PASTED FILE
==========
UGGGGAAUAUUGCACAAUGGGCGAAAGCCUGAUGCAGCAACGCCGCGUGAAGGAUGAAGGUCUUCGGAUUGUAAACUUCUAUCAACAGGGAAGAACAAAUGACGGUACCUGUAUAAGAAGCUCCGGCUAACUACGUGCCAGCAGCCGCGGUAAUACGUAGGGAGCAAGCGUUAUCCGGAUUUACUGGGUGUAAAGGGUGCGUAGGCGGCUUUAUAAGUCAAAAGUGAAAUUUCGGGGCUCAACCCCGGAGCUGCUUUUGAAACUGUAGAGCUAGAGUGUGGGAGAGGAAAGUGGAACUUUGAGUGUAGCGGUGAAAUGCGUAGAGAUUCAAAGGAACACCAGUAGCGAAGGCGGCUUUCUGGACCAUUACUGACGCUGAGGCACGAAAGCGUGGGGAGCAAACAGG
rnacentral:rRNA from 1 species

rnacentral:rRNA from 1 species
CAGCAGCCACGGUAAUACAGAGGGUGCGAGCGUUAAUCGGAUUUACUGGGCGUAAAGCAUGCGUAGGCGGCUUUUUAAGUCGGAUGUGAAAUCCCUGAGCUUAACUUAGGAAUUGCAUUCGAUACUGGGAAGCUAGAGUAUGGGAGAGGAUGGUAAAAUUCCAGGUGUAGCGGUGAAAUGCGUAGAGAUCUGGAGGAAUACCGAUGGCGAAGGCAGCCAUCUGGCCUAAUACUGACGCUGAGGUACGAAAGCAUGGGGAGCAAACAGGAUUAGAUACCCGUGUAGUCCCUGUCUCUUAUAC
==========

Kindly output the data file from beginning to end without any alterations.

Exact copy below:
UGGGGAAUAUUGCACAAUGGGCGAAAGCCUGAUGCAGCAACGCCGCGUGAAGGAUGAAGGUCUUCGGAUUGUAAACUUCUAUCAACAGGGAAGAACAAAUGACGGUACCUGUAUAAGAAGCUCCGGCUAACUACGUGCCAGCAGCCGCGGUAAUACGUAGGGAGCAAGCGUUAUCCGGAUUUACUGGGUGUAAAGGGUGCGUAGGCGGCUUUAUAAGUCAAAAGUGAAAUUUCGGGGCUCAACCCCGGAGCUGCUUUUGAAACUGUAGAGCUAGAGUGUGGGAGAGGAAAGUGGAACUUUGAGUGUAGCGGUGAAAUGCGUAGAGAUUCAAAGGAACACCAGUAGCGAAGGCGGCUUUCUGGACCAUUACUGACGCUGAGGCACGAAAGCGUGGGGAGCAAACAGG
rnacentral:rRNA from 1 species

rnacentral:rRNA from 1 species
CAGCAGCCACGGUAAUACAGAGGGUGCGAGCGUUAAUCGGAUUUACUGGGCGUAAAGCAUGCGUAGGCGGCUUUUUAAGUCGGAUGUGAAAUCCCUGAGCUUAACUUAGGAAUUGCAUUCGAUACUGGGAAGCUAGAGUAUGGGAGAGGAUGGUAAAAUUCCAGGUGUAGCGGUGAAAUGCGUAGAGAUCUGGAGGAAUACCGAUGGCGAAGGCAGCCAUCUGGCCUAAUACUGACGCUGAGGUACGAAAGCAUGGGGAGCAAACAGGAUUAGAUACCCGUGUAGUCCCUGUCUCUUAUAC